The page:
Hazards, Opportunities Drive Increase in Internal Migration in Viet Nam
20 January 2015
- HANOI, 20 January 2015 - A combination of high risks in rural areas and opportunities in the cities has provoked a big increase in internal migration in Viet Nam, according to an IOM report scheduled for release this week.
"Our work with the Ministry of Agriculture and Rural Development shows the importance of internal migration in Viet Nam," said David Knight, IOM's Chief of Mission in Viet Nam. "There is great potential to use the income this creates for rural development and innovative policy initiatives could further increase the positive impact on rural communities from this flow of labour," he added.
The research focuses on two migration movements of significance to the government's National Target Programme on New Rural Development: rural-urban migration and environment-induced resettlement schemes.
Viet Nam is one of the most hazard-prone countries in the Asia-Pacific region, with more than 70 per cent of its population exposed to risks from multiple natural hazards. The country has already developed many resettlement adaptation policies and programmes in response to climate change.
For the rural-urban migration component, the research has measured the impact of migration on labour resources, as well as rural livelihoods and economy. It defined the needs of migrants and their families and assessed the support required to maximize benefits to rural development. For the resettlement component, it has analyzed the economic, social, environmental factors that maximize the benefits of resettlement models.
One male respondent to the survey was enthusiastic about being resettled form a flood-prone area: "Here it's good because it's quite dry; secondly there are roads so we can go here and there easily. After the roads were upgraded, transportation became really convenient ... it has also made it easier for our livelihood activities; my wife can go to work as a labourer. We faced a lot of hardships when we were living there (at the previous place, before resettlement), now that we have moved here, life is more comfortable."
A workshop to discuss the findings of the report will be held in Hanoi on Wednesday. It will bring together government officials, technical and policy experts and related stakeholders to explore the dynamic and complex nexus between rural-urban migration and environment-induced resettlement. Policy gaps and recommendations will also be discussed. This research is part of the UN Joint Program to Support the Implementation of the National Target Programme on New Rural Development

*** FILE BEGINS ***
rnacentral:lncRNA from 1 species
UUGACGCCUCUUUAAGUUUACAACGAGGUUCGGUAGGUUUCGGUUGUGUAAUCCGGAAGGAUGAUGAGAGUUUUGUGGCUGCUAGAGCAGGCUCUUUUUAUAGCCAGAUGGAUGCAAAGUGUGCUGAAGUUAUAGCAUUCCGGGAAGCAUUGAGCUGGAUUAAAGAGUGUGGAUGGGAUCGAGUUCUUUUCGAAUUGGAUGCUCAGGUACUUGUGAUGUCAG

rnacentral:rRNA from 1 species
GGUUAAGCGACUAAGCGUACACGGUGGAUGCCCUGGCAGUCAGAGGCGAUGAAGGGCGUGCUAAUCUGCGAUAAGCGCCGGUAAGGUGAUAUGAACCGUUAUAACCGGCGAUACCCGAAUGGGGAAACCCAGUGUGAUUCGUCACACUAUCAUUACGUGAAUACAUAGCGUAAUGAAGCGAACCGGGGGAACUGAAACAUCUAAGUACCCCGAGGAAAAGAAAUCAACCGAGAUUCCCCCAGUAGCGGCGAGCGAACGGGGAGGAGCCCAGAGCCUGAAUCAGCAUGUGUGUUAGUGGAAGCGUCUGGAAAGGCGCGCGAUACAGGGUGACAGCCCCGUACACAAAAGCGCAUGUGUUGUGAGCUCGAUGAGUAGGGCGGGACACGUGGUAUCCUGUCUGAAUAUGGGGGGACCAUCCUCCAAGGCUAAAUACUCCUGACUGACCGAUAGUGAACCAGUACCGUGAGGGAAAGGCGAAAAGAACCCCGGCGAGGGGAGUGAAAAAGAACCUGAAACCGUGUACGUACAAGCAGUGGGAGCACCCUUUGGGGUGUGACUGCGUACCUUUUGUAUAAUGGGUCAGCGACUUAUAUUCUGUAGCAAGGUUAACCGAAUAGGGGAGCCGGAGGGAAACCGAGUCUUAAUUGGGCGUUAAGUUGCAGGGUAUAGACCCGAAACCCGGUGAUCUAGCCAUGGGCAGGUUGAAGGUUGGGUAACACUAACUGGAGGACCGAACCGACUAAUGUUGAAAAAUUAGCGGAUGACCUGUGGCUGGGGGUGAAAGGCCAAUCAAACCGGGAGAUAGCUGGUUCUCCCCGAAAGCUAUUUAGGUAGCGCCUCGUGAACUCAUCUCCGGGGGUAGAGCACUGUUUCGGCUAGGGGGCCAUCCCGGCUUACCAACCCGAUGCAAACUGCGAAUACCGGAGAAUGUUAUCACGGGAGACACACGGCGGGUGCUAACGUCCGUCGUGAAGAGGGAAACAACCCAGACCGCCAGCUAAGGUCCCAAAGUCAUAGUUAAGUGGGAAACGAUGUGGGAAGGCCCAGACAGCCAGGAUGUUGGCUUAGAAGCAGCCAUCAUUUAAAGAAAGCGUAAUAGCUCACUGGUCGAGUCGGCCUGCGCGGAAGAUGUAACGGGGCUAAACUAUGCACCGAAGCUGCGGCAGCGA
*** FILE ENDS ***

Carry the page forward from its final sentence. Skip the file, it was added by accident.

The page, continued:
IOM's flagship World Migration Report will this year focus on urban migration. The number of people living in cities will almost double in the coming decades to some 6.4 billion in 2050, turning much of the world into a global city.
Human mobility and migration play an important part in this, but are largely missing from the global debate on urbanization. Many city and local governments also still do not include migration or migrants in their urban development planning and implementation. The report will address this gap by considering migration as a defining factor alongside climate change, population growth, demographic change and economic crisis in shaping sustainable cities of the future. Internal and international migrants are both part of the challenge of rapid urbanization and part of the solution.
The report will examine the complex dynamics between migrants and cities and new partnerships being forged at local level among migrants, local government, civil society and the private sector to manage highly mobile, diverse cities for mutual benefit. It will showcase various local initiatives to create inclusive regulatory environments for migrants and their resources, which can improve migrants' well-being and leverage the broader developmental benefits of migration for origin and host societies. It will offer practical policy options to create an 'opportunity structure' to maximize the benefits of urban migration. The World Migration Report 2015 will be launched at the Ministerial Conference on Migrants and Cities in mid-2015.